Our attitudes to nature will soon seem Dickensian, says writer Mark Cocker
How we abuse the natural environment will soon be viewed with the same kind of horror now reserved for slavery or child labour, explains one of the nation’s foremost nature writers.
Mark Cocker, whose last book Our Place was a call for a revolution in the way we protect our natural world, is bringing together fellow writers at Buxton International Festival to consider how literature can change attitudes towards the environment in the same way that Charles Dickens’ novels once challenged Victorian values.
“Our event in the Festival reflects the increased awareness of the climate crisis and of species extinction,” said Mark.
Movements such as Extinction Rebellion as well as the actions of Swedish schoolgirl Greta Thunberg are encouraging a much clearer understanding of the issues that now face the world as a result of habitat destruction and global heating.
“But our intensifying anxiety about the natural world is also finding an important voice in creative writing,” says Mark.
He will talk with the author Tessa Boase, who has written Mrs Pankhurst’s Purple Feather. The book charts how women during Victorian and Edwardian times simultaneously sought female suffrage while founding parts of the environmental movement we know today. Their early protests against the use of feathers in fashion led to the creation of the Royal Society for the Protection of Birds, Europe’s largest conservation charity.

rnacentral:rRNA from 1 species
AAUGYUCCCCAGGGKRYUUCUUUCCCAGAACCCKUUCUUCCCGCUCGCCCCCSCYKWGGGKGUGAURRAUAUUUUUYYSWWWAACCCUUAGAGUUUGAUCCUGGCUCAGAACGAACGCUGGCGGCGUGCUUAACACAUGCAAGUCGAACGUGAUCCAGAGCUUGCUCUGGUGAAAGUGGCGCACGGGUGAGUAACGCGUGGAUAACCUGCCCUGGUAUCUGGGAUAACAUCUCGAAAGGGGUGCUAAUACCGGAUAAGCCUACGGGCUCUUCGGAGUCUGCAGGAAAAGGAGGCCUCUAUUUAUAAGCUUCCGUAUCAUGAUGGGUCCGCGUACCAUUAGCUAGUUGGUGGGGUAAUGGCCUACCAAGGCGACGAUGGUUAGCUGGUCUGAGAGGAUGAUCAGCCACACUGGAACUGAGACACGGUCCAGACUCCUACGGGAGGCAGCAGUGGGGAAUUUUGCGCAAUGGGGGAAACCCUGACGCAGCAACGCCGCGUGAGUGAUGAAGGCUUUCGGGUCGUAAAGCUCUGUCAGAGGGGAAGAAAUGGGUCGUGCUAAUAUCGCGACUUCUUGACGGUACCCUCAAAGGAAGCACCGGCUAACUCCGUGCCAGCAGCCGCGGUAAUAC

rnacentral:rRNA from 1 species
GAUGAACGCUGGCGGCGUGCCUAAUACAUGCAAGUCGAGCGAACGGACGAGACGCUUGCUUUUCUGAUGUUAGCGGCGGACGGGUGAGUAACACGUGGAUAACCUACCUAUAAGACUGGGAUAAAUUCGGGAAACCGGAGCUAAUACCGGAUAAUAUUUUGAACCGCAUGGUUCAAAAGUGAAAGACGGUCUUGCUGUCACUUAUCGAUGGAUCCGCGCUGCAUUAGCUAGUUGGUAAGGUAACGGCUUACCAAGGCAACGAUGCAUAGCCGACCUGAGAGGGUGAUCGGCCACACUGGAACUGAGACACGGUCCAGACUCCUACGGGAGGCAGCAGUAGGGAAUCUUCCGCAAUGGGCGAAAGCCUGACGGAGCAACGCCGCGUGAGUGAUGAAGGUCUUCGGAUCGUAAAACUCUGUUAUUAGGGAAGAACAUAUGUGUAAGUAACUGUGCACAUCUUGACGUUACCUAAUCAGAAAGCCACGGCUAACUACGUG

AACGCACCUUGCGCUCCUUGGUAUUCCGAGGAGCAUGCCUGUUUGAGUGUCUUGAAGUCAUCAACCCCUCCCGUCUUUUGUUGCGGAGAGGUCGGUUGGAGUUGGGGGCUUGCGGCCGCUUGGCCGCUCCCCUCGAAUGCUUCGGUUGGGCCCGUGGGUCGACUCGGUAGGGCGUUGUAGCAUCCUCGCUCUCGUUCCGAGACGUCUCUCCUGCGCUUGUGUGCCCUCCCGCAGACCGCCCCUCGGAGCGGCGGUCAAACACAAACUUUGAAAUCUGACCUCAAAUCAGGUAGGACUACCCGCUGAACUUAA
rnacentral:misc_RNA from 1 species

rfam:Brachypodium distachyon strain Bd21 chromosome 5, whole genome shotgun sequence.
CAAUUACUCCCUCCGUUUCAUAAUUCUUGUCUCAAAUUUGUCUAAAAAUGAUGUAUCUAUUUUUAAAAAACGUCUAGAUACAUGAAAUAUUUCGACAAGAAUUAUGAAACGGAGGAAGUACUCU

“These remarkable female pioneers were right at the vanguard of environmental protest. It is great to see the links between their works and modern books like Tessa’s, which we celebrate in literary festivals like this one more than 100 years later,” said Mark. “Those Victorian women were the first people to change our understanding of nature’s importance. We still haven’t quite got their message yet.”
But he believes the impact of nature writing will eventually mirror that of Dickens, whose novels highlighted the scandal of child exploitation and explored Victorian practices that we think of as abhorrent.
“Writers in general serve as a kind of early warning system,” said Mark, who will also be talking to the distinguished author Jean McNeil. She is a one-time writer in residence for the British Antarctic Survey and her award-winning book Ice Diaries is both an examination of the issues of global heating but also a wonderfully lyrical celebration of our planet’s last great wilderness.
Mark, who grew up in Buxton, became fascinated by nature while exploring the fields and woods behind his home on Lightwood Road.
Now that area on the edge of the Peak District is in danger of losing many of the birds he watched as a boy, such as lapwings and curlews, which were recently classified as Near-Threatened with extinction.